All good ideas in theory

    In practice, you get this comic.

    I've never played D&D, but I've DM'd a few 4e/essentials games, and had a lot of fun. I bought 3 months of D&D Insider, and went nuts. That was last year, so a new edition would probably light a new fire in my pants. Should I be this excited? I know the stipulation is for fans to get their panties in a bunch when a new version comes out.

    actually the majority of the D&D fanbase groans, bitches, and gnashes teeth every time a new edition comes out because it makes all their previously purchased books obsolete and leads to a further fragmentation of the fanbase between people who will adopt the new edition and people who will not.

    4e, in particular, fractured the fanbase hard with 3.5 fans going with Pathfinder (a non-WotC made D&D alternative compatible with 3.5 books) and 4e.

    New editions of RPGs are not like patches to your favorite video game. They're more like sequels to a game you've already spent hundreds of dollars buying DLC for.

    And to think WotC wonder why people pirate their stuff so much.

    People pirate their stuff because people are cheap, D&D is possibly the most inexpensive hobby in the universe.

    My mother and one of my sisters have really 'gotten into' scrapbooking recently.

    My Dad was all, "How expensive can it be? It's just paper?"

    Thousands of dollars later, he is not a happy man.

    terriblepostsigpic.jpg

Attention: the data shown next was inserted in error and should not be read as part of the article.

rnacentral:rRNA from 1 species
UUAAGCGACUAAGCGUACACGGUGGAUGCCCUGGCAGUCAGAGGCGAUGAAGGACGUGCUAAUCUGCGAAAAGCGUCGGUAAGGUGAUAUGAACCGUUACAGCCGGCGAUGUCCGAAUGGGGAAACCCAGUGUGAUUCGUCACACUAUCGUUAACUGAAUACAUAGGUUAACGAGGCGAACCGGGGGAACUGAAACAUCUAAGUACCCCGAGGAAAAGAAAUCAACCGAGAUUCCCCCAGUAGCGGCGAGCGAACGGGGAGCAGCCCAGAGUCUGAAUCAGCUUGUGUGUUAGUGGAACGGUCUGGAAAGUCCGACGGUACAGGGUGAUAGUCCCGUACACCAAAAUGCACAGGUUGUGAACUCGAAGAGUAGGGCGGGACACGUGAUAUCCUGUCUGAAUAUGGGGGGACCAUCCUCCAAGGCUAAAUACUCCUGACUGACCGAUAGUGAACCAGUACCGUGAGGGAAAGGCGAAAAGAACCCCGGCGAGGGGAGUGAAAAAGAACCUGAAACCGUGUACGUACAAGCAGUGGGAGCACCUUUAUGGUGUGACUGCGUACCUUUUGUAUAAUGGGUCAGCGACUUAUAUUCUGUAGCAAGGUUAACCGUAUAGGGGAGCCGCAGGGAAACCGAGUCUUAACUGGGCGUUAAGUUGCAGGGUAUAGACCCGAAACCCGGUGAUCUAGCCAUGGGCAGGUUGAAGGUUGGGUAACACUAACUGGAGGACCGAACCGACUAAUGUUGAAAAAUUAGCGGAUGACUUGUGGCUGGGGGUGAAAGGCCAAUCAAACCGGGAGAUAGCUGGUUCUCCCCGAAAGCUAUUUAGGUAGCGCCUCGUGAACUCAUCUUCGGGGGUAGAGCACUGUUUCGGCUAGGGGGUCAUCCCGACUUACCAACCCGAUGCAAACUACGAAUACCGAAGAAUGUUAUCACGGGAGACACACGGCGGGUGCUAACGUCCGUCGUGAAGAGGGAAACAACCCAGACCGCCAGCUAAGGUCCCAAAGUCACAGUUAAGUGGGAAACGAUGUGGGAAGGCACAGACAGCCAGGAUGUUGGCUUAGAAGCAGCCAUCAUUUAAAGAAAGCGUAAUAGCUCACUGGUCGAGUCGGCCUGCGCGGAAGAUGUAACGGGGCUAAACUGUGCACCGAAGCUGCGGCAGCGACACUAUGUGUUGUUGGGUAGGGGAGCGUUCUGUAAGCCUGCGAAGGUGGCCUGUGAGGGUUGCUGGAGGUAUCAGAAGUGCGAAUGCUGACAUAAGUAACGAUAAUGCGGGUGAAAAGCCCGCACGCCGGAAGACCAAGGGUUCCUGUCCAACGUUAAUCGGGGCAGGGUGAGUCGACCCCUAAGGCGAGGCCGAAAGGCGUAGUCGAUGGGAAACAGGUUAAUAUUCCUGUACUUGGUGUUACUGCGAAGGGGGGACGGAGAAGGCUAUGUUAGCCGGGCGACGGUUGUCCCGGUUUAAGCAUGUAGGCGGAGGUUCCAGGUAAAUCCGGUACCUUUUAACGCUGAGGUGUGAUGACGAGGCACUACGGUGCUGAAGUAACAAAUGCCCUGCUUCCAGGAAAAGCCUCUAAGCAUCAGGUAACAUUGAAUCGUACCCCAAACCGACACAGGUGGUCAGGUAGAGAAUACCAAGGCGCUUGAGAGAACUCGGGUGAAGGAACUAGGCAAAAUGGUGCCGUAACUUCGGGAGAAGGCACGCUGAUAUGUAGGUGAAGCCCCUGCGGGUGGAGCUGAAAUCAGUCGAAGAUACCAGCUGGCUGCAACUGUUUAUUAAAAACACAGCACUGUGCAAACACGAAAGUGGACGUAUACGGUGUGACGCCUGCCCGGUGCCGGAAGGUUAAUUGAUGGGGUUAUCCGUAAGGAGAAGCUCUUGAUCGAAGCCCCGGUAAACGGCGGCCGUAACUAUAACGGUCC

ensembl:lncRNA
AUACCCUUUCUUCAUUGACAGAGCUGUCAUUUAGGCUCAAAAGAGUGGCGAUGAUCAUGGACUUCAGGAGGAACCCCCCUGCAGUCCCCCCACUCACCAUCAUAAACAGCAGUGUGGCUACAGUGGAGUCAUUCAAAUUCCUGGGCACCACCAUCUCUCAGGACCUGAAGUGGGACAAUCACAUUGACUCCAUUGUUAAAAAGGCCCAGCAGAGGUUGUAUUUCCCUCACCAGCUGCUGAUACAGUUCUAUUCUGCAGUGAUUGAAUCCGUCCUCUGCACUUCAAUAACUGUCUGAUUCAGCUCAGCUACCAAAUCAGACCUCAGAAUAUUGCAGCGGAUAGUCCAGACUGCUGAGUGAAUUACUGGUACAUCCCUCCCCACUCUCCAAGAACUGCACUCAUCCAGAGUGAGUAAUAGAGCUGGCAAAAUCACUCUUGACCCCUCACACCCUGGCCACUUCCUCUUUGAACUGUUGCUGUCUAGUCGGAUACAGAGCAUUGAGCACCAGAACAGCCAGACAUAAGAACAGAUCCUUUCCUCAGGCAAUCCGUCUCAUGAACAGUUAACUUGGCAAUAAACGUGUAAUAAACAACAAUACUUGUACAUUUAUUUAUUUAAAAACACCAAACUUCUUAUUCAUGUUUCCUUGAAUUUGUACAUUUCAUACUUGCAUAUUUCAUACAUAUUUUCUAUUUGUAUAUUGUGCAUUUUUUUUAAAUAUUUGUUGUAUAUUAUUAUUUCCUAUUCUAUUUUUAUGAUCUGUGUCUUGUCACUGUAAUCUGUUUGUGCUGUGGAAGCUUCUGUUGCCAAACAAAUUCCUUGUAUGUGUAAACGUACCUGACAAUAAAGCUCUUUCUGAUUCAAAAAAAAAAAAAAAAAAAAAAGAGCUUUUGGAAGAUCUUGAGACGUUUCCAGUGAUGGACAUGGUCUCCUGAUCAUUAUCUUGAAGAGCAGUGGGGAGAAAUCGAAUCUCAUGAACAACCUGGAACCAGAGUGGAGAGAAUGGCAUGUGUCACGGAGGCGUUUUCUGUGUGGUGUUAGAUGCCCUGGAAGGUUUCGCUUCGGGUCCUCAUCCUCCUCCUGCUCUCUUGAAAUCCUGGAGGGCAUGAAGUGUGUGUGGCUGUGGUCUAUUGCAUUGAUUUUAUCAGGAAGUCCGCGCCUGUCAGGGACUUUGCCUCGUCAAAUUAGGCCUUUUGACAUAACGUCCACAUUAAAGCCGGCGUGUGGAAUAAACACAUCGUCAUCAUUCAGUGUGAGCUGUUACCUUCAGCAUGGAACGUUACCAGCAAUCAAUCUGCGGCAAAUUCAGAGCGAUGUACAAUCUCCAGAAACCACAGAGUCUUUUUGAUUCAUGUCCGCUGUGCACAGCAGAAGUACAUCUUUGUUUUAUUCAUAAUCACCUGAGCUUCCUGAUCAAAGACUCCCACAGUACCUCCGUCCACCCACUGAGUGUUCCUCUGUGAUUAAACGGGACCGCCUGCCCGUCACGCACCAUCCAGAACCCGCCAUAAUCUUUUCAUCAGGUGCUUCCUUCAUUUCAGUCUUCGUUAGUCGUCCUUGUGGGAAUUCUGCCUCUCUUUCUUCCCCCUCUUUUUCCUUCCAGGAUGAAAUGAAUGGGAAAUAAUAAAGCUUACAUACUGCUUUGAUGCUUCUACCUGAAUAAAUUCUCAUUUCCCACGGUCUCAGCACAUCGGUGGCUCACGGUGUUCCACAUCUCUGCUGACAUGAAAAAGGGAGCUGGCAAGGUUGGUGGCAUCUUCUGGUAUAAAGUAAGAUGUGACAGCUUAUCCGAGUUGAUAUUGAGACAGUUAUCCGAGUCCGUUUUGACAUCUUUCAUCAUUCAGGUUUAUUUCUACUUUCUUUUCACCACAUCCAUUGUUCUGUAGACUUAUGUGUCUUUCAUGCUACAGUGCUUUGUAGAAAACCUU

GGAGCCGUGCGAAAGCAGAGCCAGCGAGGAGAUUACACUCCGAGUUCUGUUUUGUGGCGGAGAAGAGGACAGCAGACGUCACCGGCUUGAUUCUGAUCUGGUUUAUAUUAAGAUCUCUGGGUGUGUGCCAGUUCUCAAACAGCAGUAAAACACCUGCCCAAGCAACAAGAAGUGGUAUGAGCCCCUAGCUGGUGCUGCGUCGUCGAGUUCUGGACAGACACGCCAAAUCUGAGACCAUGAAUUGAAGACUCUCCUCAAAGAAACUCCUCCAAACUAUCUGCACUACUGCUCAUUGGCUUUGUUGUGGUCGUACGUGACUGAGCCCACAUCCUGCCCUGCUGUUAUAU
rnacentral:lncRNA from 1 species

AusPAX tickets get [X] Accomodation get [X] Plane tickets get [X] Goodie giftbags made [ ]
  • ImAFckingDragnImAFckingDragn Registered User
    Pony wrote:
    So, I've never really understood the edition warfare aspect of D&D. I play a ton of different games (I am, at this point, playing in games of 4th edition D&D, 2nd edition D&D, and I'm running a game of Deathwatch. I'm in PbP games of Legend of the Five Rings 4th Edition and Dark Heresy) and I see that the various editions do different things and are functionally different games.

    I won't disagree that there's a lot PnP RPGs can do to digitize better. 4th Edition D&D had a great start to that but they've bungled it fairly hard.

    Edition warfare, beyond simple needless nerd dick-waving that is common in many things (see, Star Wars vs. Star Trek), is basically a function of seeing the new (or old) editions as a threat to your ability to play the game you want with other people and share your experiences with people who like the things you like

    If I really dig 4e but everyone around me hates it and plays Pathfinder, I'm going to find that a little annoying

    It seems like "Edition Warfare" has always depended on how radically a new edition departs from the previous edition. I believe that the edition warfare between 3rd and 4th was such a problem because of the drastic changes that 4th edition introduced. If people grow fond of a system's rules, it's harder for them to accept huge changes than it is to accept small tweaks or "improvements" to a system.

  • ImAFckingDragnImAFckingDragn Registered User
    Anzekay wrote:
    Pony wrote:
    zfleeman wrote:
    5th Edition has been announced as a thing Wizards of the Coast is working on

    with this edition they are intending it to be both modular and "old school" (which is sort of mutually incompatible if you know anything about the old editions of D&D). They're attempting to reach out to their fans, both old and new, for input and playtesting.

    All good ideas in theory

    In practice, you get this comic.

    I've never played D&D, but I've DM'd a few 4e/essentials games, and had a lot of fun. I bought 3 months of D&D Insider, and went nuts. That was last year, so a new edition would probably light a new fire in my pants. Should I be this excited? I know the stipulation is for fans to get their panties in a bunch when a new version comes out.